within. And yet the same instinct tells us that this change is a recovery of that
which is deepest, most original, most personal in ourselves. To be born again is not to become somebody else, but to become ourselves”
(Thomas Merton, Love and Living, 1979: 196)

These verses have stayed with me for the last few months. There is food for
thought for all of us within these lines from Merton, whether we are in Balally or Berkeley.
I have registered for two courses: one on the relationship between religion
and science and the other is a Readings course.

I have noticed in our classes and liturgies that there is a strong emphasis
on deepening the different levels of consciousness that exist within our experiences of
life, of each other, and the mystery of God. There is also a focus on getting in touch with our own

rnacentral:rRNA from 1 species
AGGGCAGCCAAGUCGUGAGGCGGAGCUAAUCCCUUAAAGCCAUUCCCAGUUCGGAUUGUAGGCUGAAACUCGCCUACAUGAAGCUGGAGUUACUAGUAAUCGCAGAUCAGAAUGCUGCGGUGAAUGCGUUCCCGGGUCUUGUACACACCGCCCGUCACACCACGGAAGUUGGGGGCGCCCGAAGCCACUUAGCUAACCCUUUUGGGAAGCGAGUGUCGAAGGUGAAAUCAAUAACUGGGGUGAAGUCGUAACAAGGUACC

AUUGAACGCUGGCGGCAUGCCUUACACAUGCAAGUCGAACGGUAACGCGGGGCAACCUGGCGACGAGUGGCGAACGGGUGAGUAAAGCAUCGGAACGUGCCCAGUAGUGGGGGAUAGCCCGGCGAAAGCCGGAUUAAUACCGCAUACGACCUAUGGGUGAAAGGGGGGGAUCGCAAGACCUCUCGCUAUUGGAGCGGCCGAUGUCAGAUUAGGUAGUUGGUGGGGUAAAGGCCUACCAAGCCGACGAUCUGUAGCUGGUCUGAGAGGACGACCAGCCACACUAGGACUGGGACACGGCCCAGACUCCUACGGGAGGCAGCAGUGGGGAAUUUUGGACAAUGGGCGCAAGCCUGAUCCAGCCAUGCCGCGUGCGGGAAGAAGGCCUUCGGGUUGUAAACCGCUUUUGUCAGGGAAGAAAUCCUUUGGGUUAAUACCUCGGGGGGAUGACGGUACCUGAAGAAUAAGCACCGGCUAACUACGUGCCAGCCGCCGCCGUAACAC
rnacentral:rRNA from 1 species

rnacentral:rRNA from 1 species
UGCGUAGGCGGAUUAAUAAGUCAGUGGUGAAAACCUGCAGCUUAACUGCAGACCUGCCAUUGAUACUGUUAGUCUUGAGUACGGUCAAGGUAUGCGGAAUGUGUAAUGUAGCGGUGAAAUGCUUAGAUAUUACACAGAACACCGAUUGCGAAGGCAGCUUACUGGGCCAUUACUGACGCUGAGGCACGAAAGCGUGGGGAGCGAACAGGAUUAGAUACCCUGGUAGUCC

interiority and identity, of going beyond the surface of life to look at the world from the
inside out. I recently took a” gentle Yoga class” to help me do this. I found it
challenging. I am not sure, however, that I will continue with it. Indeed, I must confess that it is
hard to teach an old dog new tricks. The body may not be agile enough !

As a sabbatical group we visited the well-known “Muir Woods” in San
Francisco (called after John Muir, a conservationist). Some of the trees in the woods, especially
the redwoods, are over 1000 years old. These trees reach for the sky with extra-ordinary
elegance, dignity and beauty. I was very struck by the description given to different locations
of the wood:

“The Cathedral Grove”, “Nature’s Temple”, “the spirit of the forest”. I watched and listened to a
young family walking in the woods: a mother and father and three children. The youngest
child turned to the rest of them, with his finger up to his lips saying

‘Shee… You’re not allowed to talk here’.

That child had sensed what I had experienced: a sacred space and place.